Teachers or staff who demurred with the CCP policy, or continued advocating their mother tongue, were branded “double-faced” and dealt with sternly. Failure to report such incidents was severely punished.


The Chinese state had become the “better parent”. Raising, educating and civilising the next generation was now being carried out by the state. Parents, according to Zenz's research, were becoming redundant. They could be moved around the country for work on a whim and need no longer be “tied” to their families and the raising of children.


But according to Bill Clark, whose organisation has been involved in counselling Uyghurs who have experienced multi-faceted distress associated with events in the homeland, children cannot be wrenched from their roots without significant and permanent harm. Testimonies from North America's indigenous people, forced from their families and corralled into boarding schools, tell of humiliation, degradation, and emotional scarring that affect them to this day. These historic crimes cause lifelong and generational trauma, he said.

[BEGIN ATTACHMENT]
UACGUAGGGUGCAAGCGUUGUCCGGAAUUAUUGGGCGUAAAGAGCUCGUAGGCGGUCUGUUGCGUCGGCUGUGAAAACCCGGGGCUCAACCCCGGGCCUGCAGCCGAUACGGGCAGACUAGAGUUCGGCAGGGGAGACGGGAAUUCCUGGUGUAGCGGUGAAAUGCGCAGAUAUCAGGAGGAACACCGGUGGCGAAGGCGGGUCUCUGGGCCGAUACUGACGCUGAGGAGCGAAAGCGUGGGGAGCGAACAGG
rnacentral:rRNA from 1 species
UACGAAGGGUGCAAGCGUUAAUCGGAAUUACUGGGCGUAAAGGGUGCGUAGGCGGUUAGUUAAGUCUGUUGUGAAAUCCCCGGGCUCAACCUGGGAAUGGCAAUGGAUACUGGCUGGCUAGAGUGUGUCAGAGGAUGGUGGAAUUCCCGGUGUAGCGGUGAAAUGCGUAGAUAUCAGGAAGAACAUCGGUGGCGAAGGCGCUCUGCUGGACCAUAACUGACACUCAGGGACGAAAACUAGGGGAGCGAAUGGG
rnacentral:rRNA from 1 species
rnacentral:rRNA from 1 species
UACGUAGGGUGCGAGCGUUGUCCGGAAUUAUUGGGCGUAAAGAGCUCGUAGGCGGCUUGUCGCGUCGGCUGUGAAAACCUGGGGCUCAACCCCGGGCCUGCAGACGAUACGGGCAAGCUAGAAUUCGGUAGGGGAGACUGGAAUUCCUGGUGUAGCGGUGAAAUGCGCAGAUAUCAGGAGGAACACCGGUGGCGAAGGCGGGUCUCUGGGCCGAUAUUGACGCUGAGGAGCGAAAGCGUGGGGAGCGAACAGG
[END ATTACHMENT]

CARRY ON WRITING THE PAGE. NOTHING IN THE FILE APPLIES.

When China's foreign ministry spokesperson Zhao Lijian admonished the USA for its indigenous policies during a press conference in May this year, he urged the country to “adopt serious measures to truly help ethnic minorities get over their trauma”. “More importantly,” he said, “the US should learn from history, treat the social endemic of racism, and avoid repeating the human rights tragedies time and again.”


Clark spoke of the “dark chapter” in both North American countries and the conclusion of the Canadian Truth and Reconciliation Commission, after testimonies from hundreds of survivors, that the Canadian government had committed cultural genocide against its own indigenous peoples.